Thursday, October 13, 2016 (Issue #1)
by Jessica Joseph, Housing Editor
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Connecticut is on track to see a decline chronic homelessness according to the Department of Housing (DOH) and the Connecticut Coalition to End Homelessness (CCEH). On Sept. 26, 2016, the DOH and CCEH co-sponsored an event at Saint Vincent DePaul Shelter in Waterbury to celebrate the newfound, positive data, which sees Connecticut reaching its year-end goal.
In 2014, Governor Dannel P. Malloy signed the Zero: 2016 initiative, whose goal is to end chronic homelessness by the end of 2016.
“Connecticut has been a national leader in our efforts to end both veteran and chronic homelessness and we are proud of the significant role our state has played in helping the nation reach this major milestone,” Malloy said.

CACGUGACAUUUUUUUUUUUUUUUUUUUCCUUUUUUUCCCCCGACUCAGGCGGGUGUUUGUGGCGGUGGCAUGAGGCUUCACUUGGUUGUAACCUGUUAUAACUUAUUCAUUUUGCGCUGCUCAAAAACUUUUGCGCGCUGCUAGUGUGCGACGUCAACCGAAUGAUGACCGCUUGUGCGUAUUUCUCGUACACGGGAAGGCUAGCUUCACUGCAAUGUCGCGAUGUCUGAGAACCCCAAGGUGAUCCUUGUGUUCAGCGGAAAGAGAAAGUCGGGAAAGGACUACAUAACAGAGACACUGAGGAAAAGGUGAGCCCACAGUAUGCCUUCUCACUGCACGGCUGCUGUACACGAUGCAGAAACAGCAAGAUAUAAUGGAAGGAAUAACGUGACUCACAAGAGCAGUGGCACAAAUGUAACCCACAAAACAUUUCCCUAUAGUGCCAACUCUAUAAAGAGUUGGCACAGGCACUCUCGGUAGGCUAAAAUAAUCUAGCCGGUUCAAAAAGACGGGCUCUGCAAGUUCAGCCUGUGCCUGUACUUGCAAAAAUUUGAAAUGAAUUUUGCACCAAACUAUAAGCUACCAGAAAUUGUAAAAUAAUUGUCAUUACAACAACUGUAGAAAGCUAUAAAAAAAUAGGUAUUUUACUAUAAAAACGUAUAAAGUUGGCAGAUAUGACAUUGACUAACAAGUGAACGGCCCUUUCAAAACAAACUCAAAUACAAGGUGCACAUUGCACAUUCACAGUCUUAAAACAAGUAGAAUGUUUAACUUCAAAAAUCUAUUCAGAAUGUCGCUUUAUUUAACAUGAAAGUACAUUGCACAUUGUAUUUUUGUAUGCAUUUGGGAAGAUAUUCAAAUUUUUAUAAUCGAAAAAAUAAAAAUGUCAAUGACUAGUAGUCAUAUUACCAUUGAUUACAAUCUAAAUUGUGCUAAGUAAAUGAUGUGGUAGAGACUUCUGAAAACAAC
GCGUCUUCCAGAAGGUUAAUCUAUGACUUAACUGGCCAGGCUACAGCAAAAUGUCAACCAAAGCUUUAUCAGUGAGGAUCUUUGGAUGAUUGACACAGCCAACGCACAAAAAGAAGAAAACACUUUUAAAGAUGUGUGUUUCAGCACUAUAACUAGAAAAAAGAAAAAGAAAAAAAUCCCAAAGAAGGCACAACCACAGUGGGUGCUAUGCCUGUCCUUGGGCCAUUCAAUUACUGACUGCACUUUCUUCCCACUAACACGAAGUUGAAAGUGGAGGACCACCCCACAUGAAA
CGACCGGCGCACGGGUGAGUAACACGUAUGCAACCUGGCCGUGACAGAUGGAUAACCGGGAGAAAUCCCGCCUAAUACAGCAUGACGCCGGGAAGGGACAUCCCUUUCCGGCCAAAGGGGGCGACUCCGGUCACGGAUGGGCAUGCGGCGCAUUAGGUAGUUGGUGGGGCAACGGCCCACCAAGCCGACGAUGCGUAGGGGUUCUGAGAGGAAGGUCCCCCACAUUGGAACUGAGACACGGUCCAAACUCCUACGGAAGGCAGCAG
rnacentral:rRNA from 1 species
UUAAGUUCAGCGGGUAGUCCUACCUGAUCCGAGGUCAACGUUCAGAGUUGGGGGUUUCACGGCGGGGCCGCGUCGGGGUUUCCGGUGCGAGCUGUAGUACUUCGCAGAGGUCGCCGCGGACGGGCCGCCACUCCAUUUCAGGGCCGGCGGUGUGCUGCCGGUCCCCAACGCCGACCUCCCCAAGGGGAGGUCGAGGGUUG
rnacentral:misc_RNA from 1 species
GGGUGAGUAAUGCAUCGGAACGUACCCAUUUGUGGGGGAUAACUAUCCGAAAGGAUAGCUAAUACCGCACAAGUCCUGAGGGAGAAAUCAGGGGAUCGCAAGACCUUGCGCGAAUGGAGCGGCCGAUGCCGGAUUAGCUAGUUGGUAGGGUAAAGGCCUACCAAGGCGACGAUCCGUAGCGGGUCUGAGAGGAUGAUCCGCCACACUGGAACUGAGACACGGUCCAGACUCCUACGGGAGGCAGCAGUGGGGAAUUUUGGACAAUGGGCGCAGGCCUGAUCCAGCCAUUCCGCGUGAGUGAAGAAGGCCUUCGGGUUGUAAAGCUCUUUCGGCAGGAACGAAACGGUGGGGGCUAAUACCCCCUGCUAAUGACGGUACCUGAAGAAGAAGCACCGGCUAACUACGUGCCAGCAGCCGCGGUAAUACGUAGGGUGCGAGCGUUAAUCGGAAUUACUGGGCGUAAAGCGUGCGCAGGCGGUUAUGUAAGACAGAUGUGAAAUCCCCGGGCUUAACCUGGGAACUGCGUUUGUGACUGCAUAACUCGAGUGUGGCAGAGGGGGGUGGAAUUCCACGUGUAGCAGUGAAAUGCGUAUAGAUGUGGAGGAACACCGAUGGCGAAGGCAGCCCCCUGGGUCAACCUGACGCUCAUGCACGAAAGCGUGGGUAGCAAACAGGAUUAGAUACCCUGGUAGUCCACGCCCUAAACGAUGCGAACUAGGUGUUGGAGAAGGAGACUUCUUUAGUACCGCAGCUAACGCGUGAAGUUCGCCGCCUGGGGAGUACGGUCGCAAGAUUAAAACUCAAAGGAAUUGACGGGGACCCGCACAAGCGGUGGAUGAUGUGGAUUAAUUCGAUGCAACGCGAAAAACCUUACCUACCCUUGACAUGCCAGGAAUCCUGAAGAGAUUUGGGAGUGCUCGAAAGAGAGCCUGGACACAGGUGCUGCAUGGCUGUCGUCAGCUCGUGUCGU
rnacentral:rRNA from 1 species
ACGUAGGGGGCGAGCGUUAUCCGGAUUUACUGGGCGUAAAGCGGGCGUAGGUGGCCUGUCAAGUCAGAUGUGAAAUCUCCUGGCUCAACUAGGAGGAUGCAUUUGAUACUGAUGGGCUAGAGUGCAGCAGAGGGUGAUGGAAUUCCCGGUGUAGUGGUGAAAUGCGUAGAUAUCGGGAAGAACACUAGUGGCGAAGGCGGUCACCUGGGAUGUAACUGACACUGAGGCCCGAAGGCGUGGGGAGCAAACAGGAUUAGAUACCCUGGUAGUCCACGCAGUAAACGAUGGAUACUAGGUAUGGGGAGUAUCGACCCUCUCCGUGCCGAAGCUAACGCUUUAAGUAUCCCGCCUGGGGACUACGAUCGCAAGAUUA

“It is our responsibility to ensure the brave men and women who have served our country have all the support they need upon returning home, including access to housing, healthcare, and career opportunities. Ensuring and delivering housing for our most vulnerable is critical to building stronger communities for everyone, everywhere.”
This year, 981 people have been placed in permanent housing, whereas last October, 43 individuals dealing with chronic homelessness were permanently housed in the greater Waterbury and Litchfield county region.
According to DOH commissioner Evonne M. Klein, Connecticut has been nationally recognized for its efforts to prevent and eliminate homelessness.
“These numbers show that our efforts are paying off. We’ve effectively ended veteran homelessness thanks to our coordination and collaboration, and because of that, we will end chronic homelessness too,” Klein said.